Dr. O’Neill earned her Ph.D. in Resource Management and Family Economics from Virginia Tech University. She also holds a master’s degree in consumer economics from Cornell University and a bachelor’s degree in home economics from the State University of New York-Oneonta. Barbara holds numerous professional certifications including certified financial planner (CFP), …

Michael Gutter

Michael Gutter

Michael conducts research into factors that influence financial behaviors. He is particularly interested in how financial education and financial socialization are related to financial decision making. His goal is to help families achieve financial security.

Michael is an Associate Professor and Family Economics State Specialist for the Department of Family, Youth, and Community Sciences in the University of Florida’s Institute for Food and Agricultural Sciences. Michael coordinates interactive learning programs for eXtension’s personal finance resource area, also know …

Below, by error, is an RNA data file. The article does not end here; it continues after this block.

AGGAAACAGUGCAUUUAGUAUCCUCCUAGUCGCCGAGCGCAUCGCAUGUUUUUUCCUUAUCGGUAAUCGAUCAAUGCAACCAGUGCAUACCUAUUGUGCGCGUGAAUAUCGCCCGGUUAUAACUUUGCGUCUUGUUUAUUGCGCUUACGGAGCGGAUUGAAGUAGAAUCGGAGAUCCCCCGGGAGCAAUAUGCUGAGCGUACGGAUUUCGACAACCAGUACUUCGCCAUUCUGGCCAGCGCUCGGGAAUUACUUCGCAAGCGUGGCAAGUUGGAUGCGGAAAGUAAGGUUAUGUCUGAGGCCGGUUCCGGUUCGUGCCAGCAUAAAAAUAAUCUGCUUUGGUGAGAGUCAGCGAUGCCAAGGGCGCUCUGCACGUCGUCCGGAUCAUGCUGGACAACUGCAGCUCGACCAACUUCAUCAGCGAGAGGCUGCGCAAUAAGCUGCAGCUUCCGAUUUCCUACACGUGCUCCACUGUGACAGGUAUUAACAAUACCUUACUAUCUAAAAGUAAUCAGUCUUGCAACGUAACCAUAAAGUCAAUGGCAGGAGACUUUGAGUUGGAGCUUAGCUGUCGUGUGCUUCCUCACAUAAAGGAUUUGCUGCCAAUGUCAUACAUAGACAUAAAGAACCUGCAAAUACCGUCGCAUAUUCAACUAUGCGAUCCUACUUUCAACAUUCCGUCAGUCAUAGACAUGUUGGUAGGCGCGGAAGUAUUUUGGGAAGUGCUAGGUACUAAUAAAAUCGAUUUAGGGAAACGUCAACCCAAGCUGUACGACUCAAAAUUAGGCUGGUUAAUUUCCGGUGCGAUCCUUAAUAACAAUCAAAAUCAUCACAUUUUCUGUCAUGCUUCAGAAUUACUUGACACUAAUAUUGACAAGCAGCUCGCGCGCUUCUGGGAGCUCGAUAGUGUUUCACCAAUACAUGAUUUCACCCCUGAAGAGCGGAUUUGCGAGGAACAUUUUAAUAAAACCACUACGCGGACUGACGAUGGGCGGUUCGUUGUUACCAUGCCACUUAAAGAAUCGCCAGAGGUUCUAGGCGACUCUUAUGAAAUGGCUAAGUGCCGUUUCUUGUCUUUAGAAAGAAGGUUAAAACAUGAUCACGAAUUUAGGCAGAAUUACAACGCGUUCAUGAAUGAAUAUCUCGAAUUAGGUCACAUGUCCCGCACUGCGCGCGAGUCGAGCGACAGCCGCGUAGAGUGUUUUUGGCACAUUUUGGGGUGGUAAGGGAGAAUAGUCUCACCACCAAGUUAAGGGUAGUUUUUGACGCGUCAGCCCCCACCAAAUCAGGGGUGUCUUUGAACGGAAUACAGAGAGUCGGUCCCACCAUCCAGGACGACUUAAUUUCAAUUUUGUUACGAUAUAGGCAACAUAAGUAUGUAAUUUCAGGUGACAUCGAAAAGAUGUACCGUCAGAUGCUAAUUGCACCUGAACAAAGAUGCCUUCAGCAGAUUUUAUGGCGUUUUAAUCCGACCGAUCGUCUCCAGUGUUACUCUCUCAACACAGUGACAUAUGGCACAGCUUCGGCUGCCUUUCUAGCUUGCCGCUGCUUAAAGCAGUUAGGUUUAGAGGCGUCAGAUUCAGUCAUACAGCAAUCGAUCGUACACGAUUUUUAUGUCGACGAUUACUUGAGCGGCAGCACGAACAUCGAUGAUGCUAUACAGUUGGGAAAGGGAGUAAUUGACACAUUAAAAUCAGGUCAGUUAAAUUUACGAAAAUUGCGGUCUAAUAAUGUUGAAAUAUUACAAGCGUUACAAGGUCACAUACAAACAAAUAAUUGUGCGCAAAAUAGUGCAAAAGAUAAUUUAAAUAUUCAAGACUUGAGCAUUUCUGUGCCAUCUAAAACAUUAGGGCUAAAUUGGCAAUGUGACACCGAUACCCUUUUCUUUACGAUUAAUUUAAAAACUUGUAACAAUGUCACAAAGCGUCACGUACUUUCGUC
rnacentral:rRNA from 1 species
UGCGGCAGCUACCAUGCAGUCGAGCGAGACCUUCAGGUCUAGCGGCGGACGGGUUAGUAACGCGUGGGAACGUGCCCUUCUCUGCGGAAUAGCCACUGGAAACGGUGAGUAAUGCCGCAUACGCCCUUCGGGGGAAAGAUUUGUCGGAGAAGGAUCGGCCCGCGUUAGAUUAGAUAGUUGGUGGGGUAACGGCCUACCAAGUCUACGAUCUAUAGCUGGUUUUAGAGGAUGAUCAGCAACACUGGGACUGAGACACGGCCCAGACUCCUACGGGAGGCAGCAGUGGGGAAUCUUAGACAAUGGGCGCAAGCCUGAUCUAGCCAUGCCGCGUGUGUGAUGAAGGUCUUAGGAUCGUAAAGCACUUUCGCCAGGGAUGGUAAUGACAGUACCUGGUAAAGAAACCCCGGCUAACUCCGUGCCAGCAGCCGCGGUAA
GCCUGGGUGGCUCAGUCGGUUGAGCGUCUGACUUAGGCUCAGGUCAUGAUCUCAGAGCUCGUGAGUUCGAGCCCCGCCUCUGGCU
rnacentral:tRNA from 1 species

Sara Croymans

Sara is committed to assisting individuals develop critical life skills in financial capability. She has taught individuals, educators and community agency staff on a variety of topics including youth and money, decision making, tenant education, learning styles and financial recovery after disasters.

Sara is a Family Resource Management Educator with the University of Minnesota Extension. She received her B.S. in home economic education and extension from South Dakota State University and her M.Ed. from the University of Minnesota. Sara became …

MFLN Personal Finance Virtual Learning Event


Graphic of 2016 Personal Finance VLE details with photo of jogger

Enhancing Financial Fitness

The Military Families Learning Network Personal Finance Virtual Learning Event (VLE) is a 3-day virtual event aimed at connecting personal finance managers and educators working with military service members with research, resources and each other. The 2016 event will focus on the research, traits and behaviors that lead to financial success. Being “financially fit” means having financial understanding and the capability to make positive financial decisions.